Friday, May 10, 2013

History Mystery: Susa Home of the Elamites Part.IV



This lust for treasure resulted in an invaluable service to posterity. Among the loot was a polished basalt stele, or engraved stone, from the Temple of Shamash at Sippar, north-west of Susa. The stele bears the fullest surviving text of the famous Code of Hammurabi, the most complete collection of laws to survive from ancient Mesopotamia. Hammurabi is shown standing in homage before the seated Shamash, the Babylonian Sun god. Nearly 300 laws – dealing with crime, trade, wages, marriage, and a host of other matters – are inscribed in vertical columns below the figures. The new dynasty abandoned Al-Untash-Napirisha and set up a number of the captured monuments in Susa itself, where new temples were built in a distinctive style. The outer walls were made of glazed and moulded bricks, which depicted royal couples and the guardian spirits of the building. Only fragments of the bricks have been found, but survived intact.


It depicts two figure taking part in a ritual, and an inscription reveals that it illustrates the ceremony of the Rising Sun – Sit Shamshi. The ritual takes place between two temples, probably those of Inshushinak and his wife at Susa. Offerings have been placed around the larger of the temples, beside some raised stones. Trees nearby indicate the existence of a sacred grove. The piece suggests yet more unexpected affinities, in this case with the Semitic peoples of the Biblical lands far to the north-west: Syria, Lebanon, and Palestine. Though the temples are Elamite in style, the simple raised stones recall those worshipped as idols by the Canaanites. The wooded grove was revered by the Semites, who held all green trees sacred, and a miniature vase in the sculpture is similar to an item found in the Temple of Solomon in Jerusalem. Underground tombs beside the temple of the god Inshushinak in Susa contain the cremated remains of the royal dead. Partially burnt furniture has been found in these vaults, but the remains of precious gold and silver leaf bear witness to their original splendour. Statuettes of precious metal have also been discovered. Toys and games similar to modern solitaire had been buried there, too.


Ancient relics from earlier eras have also been preserved: stamp seals and cylinder seals, which were already more than 2,000 years old; and exotic axe heads. These relics, imported from eastern Persia, seem to have been placed in the tombs to reinforce the monarchy’s claim to descent from the woman known as the Gracious Mother, the wife of the first Elamite kin, Kindattu, who had reunited Anshan and Susa at the beginning of the second millennium BC. Safe in the vault, they survived the holocaust to come. At the end of the 12th century BC the Babylonians recovered their supremacy and inflicted a crushing defeat on the Elamites. The ancient civilization crumbled as its enemies set it alight. The scale of the fire is almost unimaginable: a thick layer of ash covers the whole of the site of Susa – a terrible reminder of the size of the conflagration which ended Elam’s most glorious period. Darkness fell over the conquered lands for some 400 years, and Elam never fully recovered. During those years, dramatic changes were to transform the Middle East completely. In about 1000 BC, the plateau was engulfed by a wave of Aryan peoples from the Caucasus, from whom Iran derived it name. The Aryans founded the first Persian kingdom at Anshan. Meanwhile, a new power was rising in Mesopotamia – the empire of the Assyrians. Caught between these two power blocs, Elam’s fallen civilization was doomed.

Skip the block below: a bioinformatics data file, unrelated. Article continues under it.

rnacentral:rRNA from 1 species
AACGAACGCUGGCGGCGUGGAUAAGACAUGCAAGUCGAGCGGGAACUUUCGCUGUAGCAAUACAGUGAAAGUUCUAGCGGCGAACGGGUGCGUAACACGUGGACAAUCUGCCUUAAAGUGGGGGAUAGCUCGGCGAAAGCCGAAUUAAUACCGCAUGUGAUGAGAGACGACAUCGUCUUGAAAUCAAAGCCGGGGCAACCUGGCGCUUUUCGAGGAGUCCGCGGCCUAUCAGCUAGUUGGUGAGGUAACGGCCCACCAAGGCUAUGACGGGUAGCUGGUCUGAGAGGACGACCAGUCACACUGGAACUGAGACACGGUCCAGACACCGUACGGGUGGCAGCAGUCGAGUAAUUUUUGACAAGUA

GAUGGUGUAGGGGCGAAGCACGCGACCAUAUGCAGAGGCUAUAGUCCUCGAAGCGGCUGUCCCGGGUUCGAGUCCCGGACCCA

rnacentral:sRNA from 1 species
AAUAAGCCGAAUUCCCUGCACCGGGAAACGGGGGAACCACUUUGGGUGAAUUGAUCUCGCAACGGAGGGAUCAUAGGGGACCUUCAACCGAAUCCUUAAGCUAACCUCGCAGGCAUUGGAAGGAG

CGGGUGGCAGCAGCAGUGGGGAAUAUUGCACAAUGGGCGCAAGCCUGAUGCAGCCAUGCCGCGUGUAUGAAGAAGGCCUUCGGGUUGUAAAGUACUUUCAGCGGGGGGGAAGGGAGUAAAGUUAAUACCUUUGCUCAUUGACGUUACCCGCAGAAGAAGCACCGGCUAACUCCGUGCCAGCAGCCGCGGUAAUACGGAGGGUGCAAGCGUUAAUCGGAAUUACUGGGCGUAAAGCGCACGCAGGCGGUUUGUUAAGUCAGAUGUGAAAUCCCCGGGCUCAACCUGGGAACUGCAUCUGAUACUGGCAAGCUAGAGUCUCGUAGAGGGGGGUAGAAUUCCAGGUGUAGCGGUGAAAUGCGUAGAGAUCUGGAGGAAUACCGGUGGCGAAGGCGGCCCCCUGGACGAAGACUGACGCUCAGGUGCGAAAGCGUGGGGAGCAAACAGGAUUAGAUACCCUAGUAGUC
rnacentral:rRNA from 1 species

At the end of the 8th century BC, an ambitious king of Susa called Shutur Nahhunte revived some of the splendour of the metropolis, and for a few decades it citizens enjoyed an uneasy peace through alliances first with Assyria, then with Persia. But it was not to last. In 646 BC, the Elamite capital was devastated once more, this time by the merciless ruler of Assyria, Assurbanipal (669-627 BC). Susa was looted, its royal tombs desecrated, and the images of its gods and kings were taken away. But Susa refused to die. The Persians rebuilt the city in the 6th century BC, and it became the administrative capital of their empire. Later, in 331 BC, it fell to Alexander the Great. It continued its role as a trade centre until gradual decline set in during the late Middle Ages, reducing it into a cluster of deserted hillocks overlooking the barren plain of Khuzestan. But in one way the site preserved its history across thousands of years – it has retained its ancient name, in the form of Shush, from the time of the first written records until today.